MAC/20: Mines and Communities

Jakarta drops civil suit vs Newmont in pollution row

Published by MAC on 2006-02-16

Jakarta drops civil suit vs Newmont in pollution row

by Adriana Nina Kusuma, JAKARTA (Reuters)

16th February 2006

The world's biggest gold miner, Newmont Mining Corp.is paying Indonesia $30 million to settle a civil suit over pollution, but will still face criminal charges in a case closely watched by foreign investors.

Economists said Thursday's settlement could help lift foreign investor sentiment toward Southeast Asia's largest economy, which is rich in gold, copper and oil.

"This is slightly positive for investors' perceptions, especially foreigners, in the sense that it has provided certainty over the case," said Citibank economist Anton Gunawan.

More important, though, are the outcome of the criminal case or a resolution of a dispute between Exxon Mobil Corp. (XOM.N: Quote, Profile, Research) and Indonesia's state oil company over a major new oil field, economists said.

"This is a good sign to show that the government is moving in the right direction," said Standard Chartered economist Fauzi Ichsan. "However I don't think this is a monumental moment."

Newmont had been charged with polluting a bay and causing villagers to fall ill in the eastern Indonesian region of Sulawesi. The company has vigorously denied any wrongdoing and reiterated that position on Thursday.

The deal disappointed environmentalists, who had applauded the criminal and civil cases against Newmont because they think Indonesia has been too soft on polluters.

"It will weaken the government's bargaining power in the criminal process as it shows that the government is powerless if dealing with a big international company," said Siti Maimunah, national coordinator of Jakarta-based mining & environmental watchdog Jatam.

"And I see that the settlement is too small. It's nothing compared with the destruction in Buyat."

Newmont, which is expected to rack up $5 billion in revenues this year and has a market value of $25 billion, said it would pay $30 million to settle the case over 10 years.

The Environment Ministry had lodged the civil case in 2005, seeking damages of around $133 million. In November, a lower court dismissed the case, but lawyers for the ministry appealed.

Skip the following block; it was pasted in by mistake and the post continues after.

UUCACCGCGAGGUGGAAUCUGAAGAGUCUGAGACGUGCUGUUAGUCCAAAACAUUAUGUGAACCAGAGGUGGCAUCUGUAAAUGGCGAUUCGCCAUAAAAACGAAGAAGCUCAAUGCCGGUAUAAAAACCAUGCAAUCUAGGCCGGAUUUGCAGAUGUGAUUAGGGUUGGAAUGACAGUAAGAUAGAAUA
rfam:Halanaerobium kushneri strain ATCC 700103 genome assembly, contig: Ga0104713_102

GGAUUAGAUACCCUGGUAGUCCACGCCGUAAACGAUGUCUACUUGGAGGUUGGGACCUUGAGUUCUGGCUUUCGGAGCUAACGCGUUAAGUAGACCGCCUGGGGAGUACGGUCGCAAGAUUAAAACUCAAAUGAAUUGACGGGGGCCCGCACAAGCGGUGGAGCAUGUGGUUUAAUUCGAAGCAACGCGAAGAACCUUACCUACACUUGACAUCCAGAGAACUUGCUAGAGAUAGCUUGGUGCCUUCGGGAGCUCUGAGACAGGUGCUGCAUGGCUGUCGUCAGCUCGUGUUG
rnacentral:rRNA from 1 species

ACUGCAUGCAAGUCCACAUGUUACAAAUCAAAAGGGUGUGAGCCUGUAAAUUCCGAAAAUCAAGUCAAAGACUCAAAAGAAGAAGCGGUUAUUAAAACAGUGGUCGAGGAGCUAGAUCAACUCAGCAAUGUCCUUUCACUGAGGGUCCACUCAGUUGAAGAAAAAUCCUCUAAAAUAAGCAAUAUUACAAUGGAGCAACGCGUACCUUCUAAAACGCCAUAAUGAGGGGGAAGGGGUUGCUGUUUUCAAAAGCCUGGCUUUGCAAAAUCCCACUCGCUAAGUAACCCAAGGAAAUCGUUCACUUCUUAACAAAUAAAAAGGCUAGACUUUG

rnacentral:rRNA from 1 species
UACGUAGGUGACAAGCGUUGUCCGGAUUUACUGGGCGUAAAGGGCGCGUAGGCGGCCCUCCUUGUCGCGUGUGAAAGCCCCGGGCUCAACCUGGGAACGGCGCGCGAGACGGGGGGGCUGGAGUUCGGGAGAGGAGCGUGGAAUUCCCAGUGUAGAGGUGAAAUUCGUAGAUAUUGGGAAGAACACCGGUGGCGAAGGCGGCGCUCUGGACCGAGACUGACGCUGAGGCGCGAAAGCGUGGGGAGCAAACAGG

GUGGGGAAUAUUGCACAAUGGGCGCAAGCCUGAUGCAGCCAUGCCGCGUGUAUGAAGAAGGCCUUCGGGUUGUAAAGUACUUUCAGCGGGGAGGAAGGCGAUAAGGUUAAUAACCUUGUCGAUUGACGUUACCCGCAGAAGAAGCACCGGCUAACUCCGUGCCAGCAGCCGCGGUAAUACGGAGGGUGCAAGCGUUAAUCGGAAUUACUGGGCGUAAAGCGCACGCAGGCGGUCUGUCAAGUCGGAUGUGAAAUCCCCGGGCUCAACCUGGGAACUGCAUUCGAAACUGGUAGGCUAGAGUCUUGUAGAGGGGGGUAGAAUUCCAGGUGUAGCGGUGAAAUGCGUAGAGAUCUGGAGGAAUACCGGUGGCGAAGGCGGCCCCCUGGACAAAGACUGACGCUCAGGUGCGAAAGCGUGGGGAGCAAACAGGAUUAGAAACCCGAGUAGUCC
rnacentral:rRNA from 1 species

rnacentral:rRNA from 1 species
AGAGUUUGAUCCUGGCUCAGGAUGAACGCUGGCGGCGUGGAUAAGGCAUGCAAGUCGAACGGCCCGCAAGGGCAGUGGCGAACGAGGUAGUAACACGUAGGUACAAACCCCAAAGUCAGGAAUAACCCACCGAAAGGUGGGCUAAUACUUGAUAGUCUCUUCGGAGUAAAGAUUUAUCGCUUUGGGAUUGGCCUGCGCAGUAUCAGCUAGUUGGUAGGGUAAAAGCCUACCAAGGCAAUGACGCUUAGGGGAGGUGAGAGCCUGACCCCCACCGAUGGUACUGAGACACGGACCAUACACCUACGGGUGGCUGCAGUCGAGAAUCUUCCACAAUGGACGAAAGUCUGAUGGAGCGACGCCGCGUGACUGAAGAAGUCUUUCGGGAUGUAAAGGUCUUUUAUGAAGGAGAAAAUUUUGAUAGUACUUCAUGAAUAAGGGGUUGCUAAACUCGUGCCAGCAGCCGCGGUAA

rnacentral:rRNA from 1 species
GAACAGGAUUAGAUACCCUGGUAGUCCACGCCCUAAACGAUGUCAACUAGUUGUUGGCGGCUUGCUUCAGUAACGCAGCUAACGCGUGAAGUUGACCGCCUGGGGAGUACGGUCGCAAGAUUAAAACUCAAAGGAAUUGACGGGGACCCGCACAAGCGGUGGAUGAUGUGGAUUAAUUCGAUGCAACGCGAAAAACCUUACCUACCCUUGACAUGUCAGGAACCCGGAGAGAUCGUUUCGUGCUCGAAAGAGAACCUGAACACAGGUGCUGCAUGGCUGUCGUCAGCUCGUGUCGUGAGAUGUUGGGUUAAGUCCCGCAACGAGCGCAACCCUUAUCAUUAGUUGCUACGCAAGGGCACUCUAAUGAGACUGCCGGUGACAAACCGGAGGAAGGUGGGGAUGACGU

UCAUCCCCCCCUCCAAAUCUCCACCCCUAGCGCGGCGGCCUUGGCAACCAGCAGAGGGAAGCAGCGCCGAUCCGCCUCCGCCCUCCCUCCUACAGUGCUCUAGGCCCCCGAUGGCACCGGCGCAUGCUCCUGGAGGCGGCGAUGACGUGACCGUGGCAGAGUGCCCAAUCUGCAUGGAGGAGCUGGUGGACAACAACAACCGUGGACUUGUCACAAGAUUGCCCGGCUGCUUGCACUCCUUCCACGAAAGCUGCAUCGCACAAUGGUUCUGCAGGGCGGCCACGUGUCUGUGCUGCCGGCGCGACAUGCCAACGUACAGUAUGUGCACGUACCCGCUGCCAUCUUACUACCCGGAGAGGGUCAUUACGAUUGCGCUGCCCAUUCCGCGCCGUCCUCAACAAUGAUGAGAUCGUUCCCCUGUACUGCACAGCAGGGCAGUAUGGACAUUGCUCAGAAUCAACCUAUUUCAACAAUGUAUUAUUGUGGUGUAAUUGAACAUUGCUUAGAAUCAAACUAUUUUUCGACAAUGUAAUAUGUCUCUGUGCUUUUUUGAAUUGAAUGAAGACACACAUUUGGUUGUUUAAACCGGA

"This will not stop the ongoing criminal case," said chief social welfare minister Aburizal Bakrie, adding the government would drop the civil suit after it received proof of transfer of an initial $12 million payment.

Todung Mulya Lubis, a leading commercial and human rights lawyer, said the government should work toward a comprehensive solution.

"I understand that the criminal case could not be stopped but the government should help Newmont in solving both the criminal and civil case," he said.

NOT WALKING AWAY

The criminal and civil cases both relate to Newmont Minahasa Raya's disposal of waste from a gold mine near Buyat Bay, 2,200 km (1,400 miles) northeast of Jakarta. The mine opened in 1996 and closed in August 2004 due to depleted reserves.

Newmont has said its disposal processes were properly approved by the government.

The deal signed on Thursday covers scientific monitoring and enhanced community development programs in North Sulawesi.

The government and the unit will nominate members to an independent scientific panel that will develop and implement a 10-year environmental monitoring and assessment program.

The panel's responsibility would be to make a definitive, scientific conclusion in regard to the condition of Buyat Bay, the statement said.

"We are not walking away from Buyat Bay," said Robert Gallagher, Newmont's vice president of Australia and Indonesia Operations.

Prosecutors handling the criminal case allege the waste disposal process involved dumping mercury and arsenic into the bay, making villagers sick as a consequence.

In the criminal trial, Newmont Minahasa Raya President Director Richard Ness, from Minnesota, could face a jail term of up to 10 years and be fined around $68,000 if convicted.

A government-commissioned probe and a police study have concluded that the bay was polluted, but several other studies, including one by the World Health Organization and the Indonesian Health Ministry, did not support that charge.

Newmont's operations in Indonesia accounted for 6 percent of its global sales in 2004. The Denver-based company operates Asia's second-largest copper mine, Batu Hijau, on eastern Sumbawa island.

(With additional reporting by Harry Suhartono and Yoga Rusmana)

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